Yesterday, she set them to dry on the same paper towel that held the coffee cup belonging to Mr. Big Boss. They were touching his coffee mug.

Her boobs were just in there, you know. AND…I know who it is who is doing this, so it makes it seem even weirder. I try not to think about my coworkers boobs.

I am really struggling with this. I utterly support a woman’s right to breastfeed her baby, and be a working woman, and use the resources in the office.

But do I have to reach over this to get myself a tea bag and a packet of Splenda?





Her boobs were just in there!

I believe if it were me, I’d want to take the boob couplers with me back to my office to dry. I mean….who KNOWS what people are doing in there around your boob dealies? What if someone splashes their lunch on there? Or…touches them?

I know. I know. This betrays the “laid back” attitude I described above.

But this just drives me bonkers.

Thanks for letting me talk about it. I’ll get over it.

I feel better now.



Craft Catatonia

Hoo boy….I am beat down to a nub. I have been arts and crafting my ass off in preparation for the upcoming local county fair.

While the term “county fair” may imply something small and hick-ish, my local fair is anything but. It’s a huge event

Back in February, I visited with my godkids in Las Cruces, and they were all fired up about their own county fair coming up in September.

My niños are all about 4H and have decided to raise pigs this year to show at the fair. Their excitement was contagious, so I came back to Northern California fired up and ready to participate in my own fair.

In fact, I was so excited that when the guidebook arrived, I decided to sign up for four events. Four. Which means I’m either stupid or sadistic. I, uh, have a full time job.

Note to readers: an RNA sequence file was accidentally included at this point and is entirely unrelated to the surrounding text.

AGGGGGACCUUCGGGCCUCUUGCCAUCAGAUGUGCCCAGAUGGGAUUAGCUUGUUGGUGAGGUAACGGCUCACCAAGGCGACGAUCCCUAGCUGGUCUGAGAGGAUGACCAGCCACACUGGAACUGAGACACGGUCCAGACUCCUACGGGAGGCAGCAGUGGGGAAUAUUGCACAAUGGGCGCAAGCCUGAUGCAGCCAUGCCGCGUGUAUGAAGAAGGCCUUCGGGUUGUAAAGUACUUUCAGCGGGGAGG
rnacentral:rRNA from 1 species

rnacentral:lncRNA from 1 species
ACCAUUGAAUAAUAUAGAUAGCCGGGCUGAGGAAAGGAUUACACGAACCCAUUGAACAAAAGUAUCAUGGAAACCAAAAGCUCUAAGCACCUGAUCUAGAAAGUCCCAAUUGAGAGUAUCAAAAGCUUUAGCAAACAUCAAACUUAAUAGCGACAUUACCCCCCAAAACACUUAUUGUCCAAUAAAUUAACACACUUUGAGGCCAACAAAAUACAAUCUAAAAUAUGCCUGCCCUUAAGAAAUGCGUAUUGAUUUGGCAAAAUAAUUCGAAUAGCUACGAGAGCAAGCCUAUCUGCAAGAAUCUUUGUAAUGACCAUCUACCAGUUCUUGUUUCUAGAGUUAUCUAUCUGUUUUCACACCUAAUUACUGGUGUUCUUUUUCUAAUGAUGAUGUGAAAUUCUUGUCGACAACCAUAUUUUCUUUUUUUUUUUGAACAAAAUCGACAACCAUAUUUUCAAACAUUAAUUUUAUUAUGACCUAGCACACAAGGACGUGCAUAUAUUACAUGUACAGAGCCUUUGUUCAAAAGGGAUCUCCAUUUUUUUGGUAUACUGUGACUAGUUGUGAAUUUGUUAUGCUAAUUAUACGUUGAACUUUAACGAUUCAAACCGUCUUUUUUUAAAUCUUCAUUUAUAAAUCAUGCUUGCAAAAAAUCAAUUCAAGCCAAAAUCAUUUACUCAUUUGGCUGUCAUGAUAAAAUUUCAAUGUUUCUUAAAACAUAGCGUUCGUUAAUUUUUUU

Since the fair kicks off June 11, my four entries are due, oh, NOW.

The events I’m doing are: short story, photography, visual art, and baking.

Yes. I said baking.

The short story had to be turned in over a month ago so the judges had plenty of time to read and evaluate the stories. Last week I got the smoking hot news that my story won my genre category, which was Western.

Whoo hoo! The fair hasn’t even started and I’m liking this already!

The story will be published in an anthology of stories put out by the Fair and sold to benefit charity.

Pretty damn excited, I can tell you that!

The photography entry has gone fairly well, too. I knew which photo I wanted to use and it was a matter of getting a good print made (harder than it sounds) and then cutting the mat and framing the piece. I got that done mid-last week. Boom!

The visual art piece is a Dia de los Muertos inspired craft. Oh, how this work has vexed me. I had a *very* ambitious idea and have spent the last couple months constructing tons and tons of tiny details and figures and touches. The work, just finished this morning, doesn’t include all of the aspects I’d hoped to accomplish, but I have to say, I’m very proud. This project really pushed the bounds of my abilities as both crafter and storyteller.